Deep learning has become one of the most popular methods in Artificial Intelligence (AI) to solve challenging tasks in many areas and has shown outstanding performance. However, the lack of interpretability of deep learning models has raised a wide discussion in the research community. In this research project, Jingqing Zhang aims to improve the interpretability of deep learning models in question answering systems.
Desiderata of Interpretability: Mind the Gap
Researchers in AI always target the deployment of the latest and best models in real scenarios to solve real problems. But Jingqing feels there is a clear gap between academia and industry. For example, the real-time data in industry is more complicated and larger-scale than that in the lab and the models trained based on the limited dataset may not be able to handle all cases in the real world.
This research project aims to prove that this gap can be partially filled by improving the interpretability of deep learning models so they can be trusted in real scenarios more effectively. More specifically, the interpretability should include causality, informativeness and transparency. In other words, the deep learning model should be able to provide:
- Logical chains on which its prediction is based.
- Internal information for human judgement.
- Well proved and explained model design.
The question answering should be composed of two parts:
- Answering generation. Focusing on using generative models to generate a proper answer to a question given background knowledge, which can be in the form of either plain text or structured knowledge graph.
- Answering verification. In this part, the model is designed to find supportive information in the background knowledge and measure the reliability of the answers. The information should support the correct answers and also oppose the incorrect answers if applicable.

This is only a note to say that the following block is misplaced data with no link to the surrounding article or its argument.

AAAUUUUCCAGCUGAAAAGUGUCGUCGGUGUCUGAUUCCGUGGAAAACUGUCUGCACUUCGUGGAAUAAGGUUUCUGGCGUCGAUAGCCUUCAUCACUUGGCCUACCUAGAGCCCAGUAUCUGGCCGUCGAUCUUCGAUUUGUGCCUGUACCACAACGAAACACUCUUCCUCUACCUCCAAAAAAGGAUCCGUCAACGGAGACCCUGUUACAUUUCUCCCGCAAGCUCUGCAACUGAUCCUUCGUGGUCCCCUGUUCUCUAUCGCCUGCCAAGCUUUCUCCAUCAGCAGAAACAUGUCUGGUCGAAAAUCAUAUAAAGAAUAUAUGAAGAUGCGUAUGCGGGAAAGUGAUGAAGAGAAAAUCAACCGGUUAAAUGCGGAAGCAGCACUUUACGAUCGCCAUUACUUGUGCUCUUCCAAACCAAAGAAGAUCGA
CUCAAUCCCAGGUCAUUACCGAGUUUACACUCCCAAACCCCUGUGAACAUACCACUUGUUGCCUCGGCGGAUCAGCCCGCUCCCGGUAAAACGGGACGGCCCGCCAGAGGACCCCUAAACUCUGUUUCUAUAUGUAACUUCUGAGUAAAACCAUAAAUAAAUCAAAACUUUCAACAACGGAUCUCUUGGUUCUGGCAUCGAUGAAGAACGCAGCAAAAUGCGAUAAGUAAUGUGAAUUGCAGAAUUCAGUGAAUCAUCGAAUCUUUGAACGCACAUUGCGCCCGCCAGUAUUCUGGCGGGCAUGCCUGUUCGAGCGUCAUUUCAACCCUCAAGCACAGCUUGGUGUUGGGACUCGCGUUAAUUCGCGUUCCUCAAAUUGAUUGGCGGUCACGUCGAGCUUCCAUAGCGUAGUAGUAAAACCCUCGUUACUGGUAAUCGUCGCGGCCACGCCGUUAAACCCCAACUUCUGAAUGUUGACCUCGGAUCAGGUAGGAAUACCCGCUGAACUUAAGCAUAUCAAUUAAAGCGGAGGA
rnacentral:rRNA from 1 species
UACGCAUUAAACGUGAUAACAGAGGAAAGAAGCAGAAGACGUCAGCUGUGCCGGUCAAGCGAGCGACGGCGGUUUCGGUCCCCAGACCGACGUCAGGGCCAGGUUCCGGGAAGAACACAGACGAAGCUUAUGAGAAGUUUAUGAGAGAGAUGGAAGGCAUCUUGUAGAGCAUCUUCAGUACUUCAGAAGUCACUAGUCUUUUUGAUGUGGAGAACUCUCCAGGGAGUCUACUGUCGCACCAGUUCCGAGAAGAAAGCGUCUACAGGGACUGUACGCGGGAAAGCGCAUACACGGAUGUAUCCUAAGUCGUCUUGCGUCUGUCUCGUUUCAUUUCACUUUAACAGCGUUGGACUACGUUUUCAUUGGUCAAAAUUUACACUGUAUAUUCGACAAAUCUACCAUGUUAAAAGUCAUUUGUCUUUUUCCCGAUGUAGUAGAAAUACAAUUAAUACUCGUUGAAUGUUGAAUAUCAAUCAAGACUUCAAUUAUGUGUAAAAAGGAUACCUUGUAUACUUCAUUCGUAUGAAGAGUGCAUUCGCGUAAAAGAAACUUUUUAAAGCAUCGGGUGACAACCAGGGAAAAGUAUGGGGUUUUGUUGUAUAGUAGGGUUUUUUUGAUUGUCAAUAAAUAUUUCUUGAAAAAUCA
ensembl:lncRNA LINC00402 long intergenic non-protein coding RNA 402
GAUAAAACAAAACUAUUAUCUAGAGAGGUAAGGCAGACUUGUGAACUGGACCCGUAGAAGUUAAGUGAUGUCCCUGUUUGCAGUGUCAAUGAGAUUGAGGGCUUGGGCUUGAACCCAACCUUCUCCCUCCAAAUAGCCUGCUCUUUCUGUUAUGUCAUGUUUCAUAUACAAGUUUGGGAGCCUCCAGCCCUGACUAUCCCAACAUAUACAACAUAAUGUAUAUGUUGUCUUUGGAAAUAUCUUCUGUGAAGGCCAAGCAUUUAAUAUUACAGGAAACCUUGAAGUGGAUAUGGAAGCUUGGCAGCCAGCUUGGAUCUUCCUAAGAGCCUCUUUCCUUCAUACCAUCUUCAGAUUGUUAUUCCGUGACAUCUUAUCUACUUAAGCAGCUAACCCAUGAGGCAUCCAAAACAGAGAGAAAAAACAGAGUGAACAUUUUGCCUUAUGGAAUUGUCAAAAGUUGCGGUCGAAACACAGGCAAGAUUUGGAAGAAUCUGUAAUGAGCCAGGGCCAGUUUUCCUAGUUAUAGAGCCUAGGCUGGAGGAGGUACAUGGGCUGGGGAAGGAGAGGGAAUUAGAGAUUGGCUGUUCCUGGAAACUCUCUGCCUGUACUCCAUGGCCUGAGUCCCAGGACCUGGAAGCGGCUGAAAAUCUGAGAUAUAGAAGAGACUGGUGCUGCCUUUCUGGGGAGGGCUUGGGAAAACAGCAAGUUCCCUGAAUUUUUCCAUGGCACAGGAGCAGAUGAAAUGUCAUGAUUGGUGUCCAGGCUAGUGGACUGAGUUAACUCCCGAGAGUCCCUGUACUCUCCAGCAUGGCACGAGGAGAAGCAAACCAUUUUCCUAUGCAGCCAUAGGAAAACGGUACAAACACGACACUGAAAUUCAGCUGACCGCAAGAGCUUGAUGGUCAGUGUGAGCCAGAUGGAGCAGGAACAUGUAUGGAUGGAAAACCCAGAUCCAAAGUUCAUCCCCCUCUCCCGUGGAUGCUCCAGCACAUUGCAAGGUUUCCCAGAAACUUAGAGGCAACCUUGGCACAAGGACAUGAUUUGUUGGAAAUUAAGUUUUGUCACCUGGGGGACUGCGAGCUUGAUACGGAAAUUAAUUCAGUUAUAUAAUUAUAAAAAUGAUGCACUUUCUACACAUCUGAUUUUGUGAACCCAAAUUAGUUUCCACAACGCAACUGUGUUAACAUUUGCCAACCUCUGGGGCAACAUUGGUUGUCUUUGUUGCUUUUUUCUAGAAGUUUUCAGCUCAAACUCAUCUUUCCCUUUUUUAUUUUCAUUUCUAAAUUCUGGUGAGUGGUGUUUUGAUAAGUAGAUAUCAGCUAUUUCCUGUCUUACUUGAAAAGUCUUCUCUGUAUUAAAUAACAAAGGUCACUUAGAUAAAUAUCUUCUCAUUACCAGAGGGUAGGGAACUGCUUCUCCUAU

These two parts should work together in an adversarial manner so that the first part can generate reasonable answers and the second part can explain these answers.
The design of the new model is still in the early stages. There are at least three modules that will be included in this research project:
- The encoding module encodes the question itself and the background knowledge.
- The answering module generates answers accordingly.
- The verification module finally verifies if the generated answer is reasonable and provides feedback to the next step of the recurrent process.
To establish a complete research cycle, Jingqing is also trying to collect a new dataset for question answering which will be used to test the new model. To achieve the goal of enhancing the interpretability of deep learning models, the dataset should be challenging enough. More specifically, the domain of the data naturally needs clear causality, requires good interpretability of AI models, and has a mature knowledge base. The powerful processing capability of HPCC Systems will play an essential role in the data collection and data cleaning processes.
Jingqing Zhang works at the Imperial College Data Science Institute in London. He has contributed to several research projects during his HPCC Systems sponsored Masters and PhD studies, having published a number of academic papers:
- Integrating Semantic Knowledge to Tackle Zero-shot Text Classification
- Dest-ResNet: a Deep Spatiotemporal Residual Network for Hotspot Traffic Speed Prediction
- Deep Sequence Learning with Auxiliary Information for Traffic Prediction
- Learning Text to Image Synthesis with Textual Data Augmentation
- The Deep Poincare Map: A Novel Approach for Left Ventricle Segmentation
Jingqing Zhang’s supervisor is Professor YiKe Guo, Professor of Computing Science and founding Director of the Data Science Institute at Imperial College, London.
In 2017, Professor Guo spoke in the October edition of Elsevier Connect about using machine learning and NLP to create meaningful summaries of articles via neural networks. Jingqing Zhang contributed to this research project while studying for his Masters degree.